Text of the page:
Methodologies employed to assess the impact of COVID-19 on the economy

Various methodologies have been used to determine the impact of the coronavirus on the world’s economies. Maliszewska, Mattoo and van der Mensbrugghe (2020), have found that in the global pandemic scenario, if the world’s GDP falls by 2% below the baseline, developing countries would see their GDP fall by 2.5%, and industrial countries by 1.8%. In the amplified pandemic scenario, the declines would be double in comparison. Under the amplified global pandemic scenario, global GDP decline would reach 3.9%, with the regions most integrated through trade and/or where tourism trade plays a big role in the economy facing the biggest GDP losses. Countries of Sub-Saharan Africa (SSA) together with those of the Middle East and North Africa (MENA), would be the least affected under both scenarios, with an estimated GDP loss of around 3%.

The authors have achieved these results by identifying four sets of shocks to trade which they assume occur simultaneously:

  1. A supply shock consisting of a drop in employment,

  2. A raise in the cost of international trade imports,

  3. A sharp drop in international tourism and travel-related services, and

  4. A demand switch by households who purchase fewer services requiring close human interaction, such as mass transport, domestic tourism, restaurants, and recreational activities, while redirecting demand towards consumption of goods and other services.

They consider two scenarios: a global pandemic and an amplified global pandemic. In the case of the global pandemic, it is assumed that countries bear only one-half of the impact of the full China shock. In the case of the amplified global pandemic, the shocks are uniform across all countries.


How does the Pandemic affect countries’ supply and demand capacity?

On the supply side, health issues are reflected in reduced activity in all local economic sectors, including tradable sectors such as manufacturing. Specifically, mortality and morbidity are traditional causes of the loss of productive workforce whenever academia tries to determine the impact of a health issue. Analysing the impacts of the Spanish flu, Correia, Luck, and Verner (2020) identified depressed labor supply through self-isolation measures, restrictions on mobility, illness, and increased mortality as the key issues impacting countries’ supply capacity. Similarly, the study by McKibbin and Fernando (2020) on the impact of the COVID-19 pandemic, identifies a fall in total labour supply, a rise in the risk-premium, and an increase in the costs of production in all sectors as the key supply-side impacts.


Probably the most striking impact of the current pandemic is the massive disruptions to international trade and global value chains (GVCs). According to Baldwin and Freeman (2020), the shocks to GVCs result for the most “globalised” economies in their manufacturing sectors facing “triple hits”:

  1. Direct supply disruptions hindering production since the disease is focused on the world’s manufacturing heartland (East Asia), and spreading fast in the other industrial countries.

  2. Supply-chain contagion amplifying the direct supply shocks as manufacturing sectors in less-affected nations find it harder and/or more expensive to acquire the necessary imported industrial inputs from the hard-hit nations, and subsequently from each other.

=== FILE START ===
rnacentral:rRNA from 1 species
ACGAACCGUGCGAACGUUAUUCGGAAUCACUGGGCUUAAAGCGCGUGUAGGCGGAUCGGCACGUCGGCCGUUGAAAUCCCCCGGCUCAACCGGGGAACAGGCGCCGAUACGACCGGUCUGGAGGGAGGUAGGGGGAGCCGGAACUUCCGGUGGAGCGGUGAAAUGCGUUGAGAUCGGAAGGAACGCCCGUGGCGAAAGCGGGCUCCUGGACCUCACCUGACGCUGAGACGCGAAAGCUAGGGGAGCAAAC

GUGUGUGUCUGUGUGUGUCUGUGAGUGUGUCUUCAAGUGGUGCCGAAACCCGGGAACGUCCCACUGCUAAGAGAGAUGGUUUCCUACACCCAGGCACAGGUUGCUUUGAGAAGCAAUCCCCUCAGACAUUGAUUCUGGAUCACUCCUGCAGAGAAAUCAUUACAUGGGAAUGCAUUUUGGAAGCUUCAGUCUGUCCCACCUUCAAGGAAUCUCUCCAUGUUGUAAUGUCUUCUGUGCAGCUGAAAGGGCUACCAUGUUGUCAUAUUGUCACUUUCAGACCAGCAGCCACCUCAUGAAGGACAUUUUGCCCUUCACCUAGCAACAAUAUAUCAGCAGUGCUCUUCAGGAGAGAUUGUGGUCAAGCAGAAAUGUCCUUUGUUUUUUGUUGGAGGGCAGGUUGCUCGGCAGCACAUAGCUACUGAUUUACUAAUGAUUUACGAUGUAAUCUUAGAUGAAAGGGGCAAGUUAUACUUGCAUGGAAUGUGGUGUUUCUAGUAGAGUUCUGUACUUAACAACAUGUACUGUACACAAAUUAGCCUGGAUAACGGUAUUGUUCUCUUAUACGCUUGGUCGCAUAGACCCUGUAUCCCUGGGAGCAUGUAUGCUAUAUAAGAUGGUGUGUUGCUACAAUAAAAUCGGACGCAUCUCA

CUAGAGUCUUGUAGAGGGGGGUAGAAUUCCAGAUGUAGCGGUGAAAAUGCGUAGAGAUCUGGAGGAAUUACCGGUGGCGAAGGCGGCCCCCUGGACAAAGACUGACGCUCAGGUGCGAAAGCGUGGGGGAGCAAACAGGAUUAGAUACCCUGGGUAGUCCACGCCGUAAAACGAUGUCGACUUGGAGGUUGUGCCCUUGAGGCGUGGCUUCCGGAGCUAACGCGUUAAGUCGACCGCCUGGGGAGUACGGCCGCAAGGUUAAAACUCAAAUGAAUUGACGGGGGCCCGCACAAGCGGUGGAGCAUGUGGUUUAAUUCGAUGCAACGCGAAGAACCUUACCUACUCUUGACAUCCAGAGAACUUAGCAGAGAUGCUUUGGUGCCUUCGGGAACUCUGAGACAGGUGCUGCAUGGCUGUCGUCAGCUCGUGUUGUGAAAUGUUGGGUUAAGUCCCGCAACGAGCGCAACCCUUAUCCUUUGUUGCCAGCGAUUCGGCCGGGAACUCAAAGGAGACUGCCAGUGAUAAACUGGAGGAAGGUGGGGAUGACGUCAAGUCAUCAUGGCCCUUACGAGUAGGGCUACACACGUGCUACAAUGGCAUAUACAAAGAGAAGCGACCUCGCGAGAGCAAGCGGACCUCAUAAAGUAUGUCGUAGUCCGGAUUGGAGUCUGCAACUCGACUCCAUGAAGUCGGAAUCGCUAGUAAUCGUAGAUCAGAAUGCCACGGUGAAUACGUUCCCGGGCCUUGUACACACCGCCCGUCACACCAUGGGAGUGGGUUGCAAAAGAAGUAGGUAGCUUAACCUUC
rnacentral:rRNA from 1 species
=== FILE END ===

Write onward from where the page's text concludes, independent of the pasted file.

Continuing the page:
3. Demand disruptions due to

    1. macroeconomic drops in aggregate demand (i.e. recessions);

    2. wait-and-see purchase-delays by consumers; and

    3. investment-delays by firms.


On the demand side, the most immediate trade impact of the novel coronavirus pandemic has been the sudden surge of the global demand for COVID-19 related medical supplies, which exceeded current domestic production levels thus resulting in increased import demand and simultaneously rising prices. Export restrictions introduced by major economies facing shortages further led to price increases that, according to the World Bank, could be, for example, 20.5% in the case of medical masks.


More importantly, pandemics persistently depress aggregate demand. Correia, Luck, and Verner (2020) note that, on the demand side, the pandemic acts through various transmission channels such as reduced household spending, and the increased business uncertainty about future demand which depresses business investment.


Maliszewska, Mattoo and van der Mensbrugghe (2020) point to the fact that lower availability of labour results in lower demand for capital, as firms need a combination of labour and capital to produce goods and services.

Analysing the long-run effects of fifteen large pandemics from the Black Death (1347-1352) through the H1N1 Pandemic (2009), Jordà, Singh and Taylor (2020), found that such major events could exert transitory downward shocks to the natural rate of interest over the medium-term (around 10-20 years). Investment demand is likely to wane, as labour scarcity in the economy suppresses the need for high investment. They also found that “savers may react to the shock with increased saving, either behaviorally as new precautionary motives kick in, or simply to replace lost wealth used up during the peak of the calamity.”


McKibbin and Fernando (2020) point not only to a fall in aggregate consumption demand, but more importantly to distorted usual consumption patterns and resulting market anomalies due to panic among consumers and firms as preferences for certain activities change with the outbreak. On the demand side, McKibbin and Fernando (2020) also take account of the shocks from increased health expenditures to contain the spread.

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